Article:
DMoving to the cloud has become one of the most critical things a business can do to have access to more features and functionality, save costs, and build robust tech ecosystems that are secure and scalable.
Cloud providers offer a host of cloud services that can enable businesses to leverage data in myriad ways to generate business insight. Whether it is a simple matter of data storage or more complex operations like BI analysis and machine learning workloads, moving to the cloud can be one of the best moves you can make based on your use case.
However, this also involves choosing the right cloud provider. Different cloud providers all have their own collection of cloud solutions and services. Depending on your use case and the unique nature of the workloads you have in mind, it is crucial that you choose the right cloud provider to actually have access to all the benefits the cloud can provide.
Here, we take a closer look at what you need to look for in a cloud provider based on your use case and how you can make an informed choice that allows you to fully leverage the cloud for your needs.
What Should I Look For In A Cloud Provider?
While choosing a cloud provider, there are a few important criteria you need to look at. Juxtaposing these criteria with your use case can help you make an informed choice and end up with a provider that ticks all the right boxes. Here are some helpful points to consider:
- Compliance – It is crucial that you adhere to all standards of compliance that apply to your organization and industry. Choosing the right cloud platform can help you meet these compliance requirements. With your data living on the public cloud, you need to ensure that you take note of all compliance requirements and check if your cloud provider will help you maintain these. Important compliance standards like GDPR, HIPAA, and SOC 2 must be considered before coming to a decision.
- Security – First, take a look at the security goals you want to achieve and then at the security features offered by different cloud providers. You need to form a clear understanding of the specific areas of security your cloud provider will be responsible for. Consider if you would need to make use of extra third-party technologies to bolster security if you go with a certain provider and factor in the costs associated.
- Costs – One of the most fundamental components in moving over to a cloud provider is cost savings. Naturally, this becomes one of the most basic points to consider while choosing a cloud provider. First, take a look at the pricing model on offer and then try to calculate your costs, concentrating not only on the sticker price but also all associated costs. This might include hiring trained staff to manage your instances. While most cloud providers have a similar pricing structure that uses a pay-as-you-go model, there might be cost savings and volume discounts at play that you need to understand to make a decision that is the most financially viable.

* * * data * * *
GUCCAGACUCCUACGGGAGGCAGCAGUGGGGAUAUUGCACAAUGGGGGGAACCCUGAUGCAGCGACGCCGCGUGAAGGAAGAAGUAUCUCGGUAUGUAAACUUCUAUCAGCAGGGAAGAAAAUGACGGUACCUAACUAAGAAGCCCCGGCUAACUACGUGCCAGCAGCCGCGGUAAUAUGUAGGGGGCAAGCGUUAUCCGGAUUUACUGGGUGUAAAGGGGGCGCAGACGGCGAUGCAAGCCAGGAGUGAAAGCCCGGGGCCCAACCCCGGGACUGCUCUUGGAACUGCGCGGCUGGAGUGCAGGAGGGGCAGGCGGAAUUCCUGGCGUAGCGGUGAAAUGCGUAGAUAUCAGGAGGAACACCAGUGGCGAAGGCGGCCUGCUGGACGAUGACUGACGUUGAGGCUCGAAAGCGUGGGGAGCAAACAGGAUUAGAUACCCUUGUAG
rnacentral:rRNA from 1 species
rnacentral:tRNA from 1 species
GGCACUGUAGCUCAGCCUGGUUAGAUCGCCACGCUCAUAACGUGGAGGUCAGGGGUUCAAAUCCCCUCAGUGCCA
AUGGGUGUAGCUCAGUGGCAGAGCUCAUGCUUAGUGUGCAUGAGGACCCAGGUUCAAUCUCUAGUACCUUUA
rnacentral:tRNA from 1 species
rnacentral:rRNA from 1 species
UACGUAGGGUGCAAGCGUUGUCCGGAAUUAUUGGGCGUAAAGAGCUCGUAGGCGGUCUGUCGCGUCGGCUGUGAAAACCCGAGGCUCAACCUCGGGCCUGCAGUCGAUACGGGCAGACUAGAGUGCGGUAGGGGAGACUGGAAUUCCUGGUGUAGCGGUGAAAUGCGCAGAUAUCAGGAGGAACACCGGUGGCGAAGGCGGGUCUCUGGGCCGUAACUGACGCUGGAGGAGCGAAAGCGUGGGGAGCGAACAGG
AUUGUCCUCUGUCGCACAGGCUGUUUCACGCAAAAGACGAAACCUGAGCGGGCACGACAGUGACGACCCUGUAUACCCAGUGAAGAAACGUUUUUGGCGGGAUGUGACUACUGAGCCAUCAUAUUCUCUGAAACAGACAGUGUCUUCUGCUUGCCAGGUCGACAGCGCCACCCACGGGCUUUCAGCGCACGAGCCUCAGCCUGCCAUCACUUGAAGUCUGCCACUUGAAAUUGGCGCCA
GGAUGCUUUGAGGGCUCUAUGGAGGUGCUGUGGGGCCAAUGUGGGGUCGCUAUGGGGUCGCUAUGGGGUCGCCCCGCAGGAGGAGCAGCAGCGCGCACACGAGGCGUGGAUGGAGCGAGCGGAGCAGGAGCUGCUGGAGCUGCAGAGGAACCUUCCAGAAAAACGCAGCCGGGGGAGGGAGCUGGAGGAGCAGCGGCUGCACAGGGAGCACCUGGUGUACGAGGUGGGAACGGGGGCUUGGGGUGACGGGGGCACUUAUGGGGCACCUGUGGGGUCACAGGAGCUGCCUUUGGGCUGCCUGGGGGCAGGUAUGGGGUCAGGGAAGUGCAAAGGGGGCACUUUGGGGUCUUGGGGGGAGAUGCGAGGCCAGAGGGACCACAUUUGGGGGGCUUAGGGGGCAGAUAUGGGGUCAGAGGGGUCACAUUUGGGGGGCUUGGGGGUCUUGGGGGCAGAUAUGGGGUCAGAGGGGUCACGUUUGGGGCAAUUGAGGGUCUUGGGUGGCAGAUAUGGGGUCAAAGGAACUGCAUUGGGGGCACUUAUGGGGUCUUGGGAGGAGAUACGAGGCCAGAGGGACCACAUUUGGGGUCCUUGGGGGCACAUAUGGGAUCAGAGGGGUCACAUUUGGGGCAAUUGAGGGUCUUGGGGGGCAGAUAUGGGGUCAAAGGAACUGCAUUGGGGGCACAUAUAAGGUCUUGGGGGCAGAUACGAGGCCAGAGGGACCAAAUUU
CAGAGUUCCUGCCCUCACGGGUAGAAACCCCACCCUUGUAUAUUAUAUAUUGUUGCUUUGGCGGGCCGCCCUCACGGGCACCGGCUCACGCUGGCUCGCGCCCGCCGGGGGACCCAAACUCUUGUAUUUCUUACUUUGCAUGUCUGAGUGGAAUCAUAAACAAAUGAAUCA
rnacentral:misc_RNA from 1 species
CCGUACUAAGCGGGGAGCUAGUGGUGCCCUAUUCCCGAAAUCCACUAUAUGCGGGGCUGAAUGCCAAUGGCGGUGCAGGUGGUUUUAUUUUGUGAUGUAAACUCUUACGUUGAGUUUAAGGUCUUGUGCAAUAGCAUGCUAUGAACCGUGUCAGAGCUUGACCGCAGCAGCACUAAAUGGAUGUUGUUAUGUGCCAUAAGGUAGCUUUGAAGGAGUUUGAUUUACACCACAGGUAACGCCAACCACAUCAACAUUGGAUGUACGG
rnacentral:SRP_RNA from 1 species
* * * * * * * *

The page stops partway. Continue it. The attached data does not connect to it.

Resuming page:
By looking at a combination of these factors, you can come to a viable decision regarding the right cloud provider for your needs.
How Do You Decide If The Cloud Is Right For Your Requirements?
The most important thing to always keep in view are the requirements dictated by your business, workloads, and use cases. Different cloud providers offer different levels and types of service and you need to choose a provider that can completely cover your use cases, ideally also offering essential features and functionalities that can help you enhance speed, simplicity, efficiency, and flexibility in your workloads.
To this end, take a look into the different kinds of cloud service providers and their services, which can be broken down into three basic types:
- Software-as-a-Service (SaaS) – The simplest mode of adopting the cloud is using a SaaS provider to replace an on-premise software solution that you use for your workloads. This is software delivered on the cloud so that the functionality and data of the software can be universally accessed over the web. You do not require to purchase and maintain the hardware to run this software as all the code, servers, and databases needed to handle the software load are maintained by the provider. Payment is usually on a subscription model.
- Infrastructure-as-a-Service (IaaS) – IaaS is a cloud computing service where the provider uses a pay-as-you-go model to offer a combination of storage, compute, and networking resources. This is meant to negate the need to purchase servers and storage on-premise and gives you myriad ways to save money on hardware costs and maintenance costs. You can quickly provision new applications and it is easy to scale up by moving to a different paid service tier.
- Platform-as-a-Service (PaaS) – The most involved method of moving to the cloud, PaaS constitutes a complete deployment and development environment in the cloud. With a pay-as-you-go payment plan, you have the freedom to develop and deploy simple, basic applications to complex, enterprise-wide applications. Like IaaS, PaaS encompasses storage, compute, and network but also includes other functionalities such as middleware, DBMS, development tools, BI services, and more.